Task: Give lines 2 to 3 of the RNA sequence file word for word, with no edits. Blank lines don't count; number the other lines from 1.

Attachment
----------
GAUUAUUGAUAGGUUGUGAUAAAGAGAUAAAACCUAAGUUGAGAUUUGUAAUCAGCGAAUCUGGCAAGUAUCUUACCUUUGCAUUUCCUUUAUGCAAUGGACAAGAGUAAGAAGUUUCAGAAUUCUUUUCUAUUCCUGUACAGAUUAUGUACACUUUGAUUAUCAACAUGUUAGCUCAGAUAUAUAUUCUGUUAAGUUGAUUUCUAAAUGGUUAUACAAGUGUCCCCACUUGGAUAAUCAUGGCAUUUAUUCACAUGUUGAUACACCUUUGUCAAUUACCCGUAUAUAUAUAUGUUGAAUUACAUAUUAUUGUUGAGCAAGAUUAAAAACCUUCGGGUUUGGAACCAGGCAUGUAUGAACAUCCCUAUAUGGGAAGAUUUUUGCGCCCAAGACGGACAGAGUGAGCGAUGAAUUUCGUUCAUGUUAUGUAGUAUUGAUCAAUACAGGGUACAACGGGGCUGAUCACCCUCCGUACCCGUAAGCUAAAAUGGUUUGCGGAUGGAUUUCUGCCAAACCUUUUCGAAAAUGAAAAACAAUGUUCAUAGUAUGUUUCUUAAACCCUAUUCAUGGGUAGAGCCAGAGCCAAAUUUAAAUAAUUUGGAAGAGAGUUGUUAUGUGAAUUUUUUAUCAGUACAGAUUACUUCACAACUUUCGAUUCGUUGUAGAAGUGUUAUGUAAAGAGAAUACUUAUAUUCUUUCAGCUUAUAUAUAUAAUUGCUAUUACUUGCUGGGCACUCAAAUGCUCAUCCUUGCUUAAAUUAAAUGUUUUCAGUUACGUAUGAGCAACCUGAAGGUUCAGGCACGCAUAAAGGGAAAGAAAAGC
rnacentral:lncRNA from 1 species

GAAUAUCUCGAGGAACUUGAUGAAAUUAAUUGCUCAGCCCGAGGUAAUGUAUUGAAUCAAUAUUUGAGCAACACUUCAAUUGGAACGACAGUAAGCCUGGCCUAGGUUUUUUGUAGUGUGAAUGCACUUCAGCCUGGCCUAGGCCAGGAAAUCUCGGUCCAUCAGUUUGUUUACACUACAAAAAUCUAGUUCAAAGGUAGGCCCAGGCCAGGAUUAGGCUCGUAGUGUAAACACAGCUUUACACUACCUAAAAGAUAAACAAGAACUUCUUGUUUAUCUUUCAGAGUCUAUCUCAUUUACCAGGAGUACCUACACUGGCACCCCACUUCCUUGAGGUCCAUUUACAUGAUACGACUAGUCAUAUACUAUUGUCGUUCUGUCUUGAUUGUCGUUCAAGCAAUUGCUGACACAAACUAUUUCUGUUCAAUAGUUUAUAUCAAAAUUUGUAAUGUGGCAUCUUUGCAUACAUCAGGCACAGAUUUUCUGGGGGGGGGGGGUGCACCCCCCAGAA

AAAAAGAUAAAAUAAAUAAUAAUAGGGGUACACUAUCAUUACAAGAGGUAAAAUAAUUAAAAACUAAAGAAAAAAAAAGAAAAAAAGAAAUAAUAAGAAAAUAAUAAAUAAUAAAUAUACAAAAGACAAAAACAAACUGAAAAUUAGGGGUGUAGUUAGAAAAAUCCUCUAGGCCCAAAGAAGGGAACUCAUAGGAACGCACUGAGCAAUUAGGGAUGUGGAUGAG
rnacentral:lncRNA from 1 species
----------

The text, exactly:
rnacentral:lncRNA from 1 species

GAAUAUCUCGAGGAACUUGAUGAAAUUAAUUGCUCAGCCCGAGGUAAUGUAUUGAAUCAAUAUUUGAGCAACACUUCAAUUGGAACGACAGUAAGCCUGGCCUAGGUUUUUUGUAGUGUGAAUGCACUUCAGCCUGGCCUAGGCCAGGAAAUCUCGGUCCAUCAGUUUGUUUACACUACAAAAAUCUAGUUCAAAGGUAGGCCCAGGCCAGGAUUAGGCUCGUAGUGUAAACACAGCUUUACACUACCUAAAAGAUAAACAAGAACUUCUUGUUUAUCUUUCAGAGUCUAUCUCAUUUACCAGGAGUACCUACACUGGCACCCCACUUCCUUGAGGUCCAUUUACAUGAUACGACUAGUCAUAUACUAUUGUCGUUCUGUCUUGAUUGUCGUUCAAGCAAUUGCUGACACAAACUAUUUCUGUUCAAUAGUUUAUAUCAAAAUUUGUAAUGUGGCAUCUUUGCAUACAUCAGGCACAGAUUUUCUGGGGGGGGGGGGUGCACCCCCCAGAA